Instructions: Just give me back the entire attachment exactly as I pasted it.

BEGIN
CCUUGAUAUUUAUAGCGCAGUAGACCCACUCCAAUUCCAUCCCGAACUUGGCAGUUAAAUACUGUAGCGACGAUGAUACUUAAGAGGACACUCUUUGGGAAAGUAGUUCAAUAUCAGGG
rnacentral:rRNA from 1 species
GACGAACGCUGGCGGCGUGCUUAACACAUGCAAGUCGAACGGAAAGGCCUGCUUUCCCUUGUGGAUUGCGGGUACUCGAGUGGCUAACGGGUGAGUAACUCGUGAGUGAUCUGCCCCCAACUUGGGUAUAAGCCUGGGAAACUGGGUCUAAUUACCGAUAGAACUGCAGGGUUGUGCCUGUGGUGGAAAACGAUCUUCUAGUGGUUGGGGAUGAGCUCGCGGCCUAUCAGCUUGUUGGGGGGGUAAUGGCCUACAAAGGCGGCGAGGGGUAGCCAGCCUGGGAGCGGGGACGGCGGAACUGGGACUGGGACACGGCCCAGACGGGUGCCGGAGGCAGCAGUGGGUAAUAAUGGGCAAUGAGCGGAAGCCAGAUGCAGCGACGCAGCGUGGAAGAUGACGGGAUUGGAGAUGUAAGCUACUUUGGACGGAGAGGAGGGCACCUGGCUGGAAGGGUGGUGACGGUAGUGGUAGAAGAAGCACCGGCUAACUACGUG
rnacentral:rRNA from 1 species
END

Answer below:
CCUUGAUAUUUAUAGCGCAGUAGACCCACUCCAAUUCCAUCCCGAACUUGGCAGUUAAAUACUGUAGCGACGAUGAUACUUAAGAGGACACUCUUUGGGAAAGUAGUUCAAUAUCAGGG
rnacentral:rRNA from 1 species
GACGAACGCUGGCGGCGUGCUUAACACAUGCAAGUCGAACGGAAAGGCCUGCUUUCCCUUGUGGAUUGCGGGUACUCGAGUGGCUAACGGGUGAGUAACUCGUGAGUGAUCUGCCCCCAACUUGGGUAUAAGCCUGGGAAACUGGGUCUAAUUACCGAUAGAACUGCAGGGUUGUGCCUGUGGUGGAAAACGAUCUUCUAGUGGUUGGGGAUGAGCUCGCGGCCUAUCAGCUUGUUGGGGGGGUAAUGGCCUACAAAGGCGGCGAGGGGUAGCCAGCCUGGGAGCGGGGACGGCGGAACUGGGACUGGGACACGGCCCAGACGGGUGCCGGAGGCAGCAGUGGGUAAUAAUGGGCAAUGAGCGGAAGCCAGAUGCAGCGACGCAGCGUGGAAGAUGACGGGAUUGGAGAUGUAAGCUACUUUGGACGGAGAGGAGGGCACCUGGCUGGAAGGGUGGUGACGGUAGUGGUAGAAGAAGCACCGGCUAACUACGUG
rnacentral:rRNA from 1 species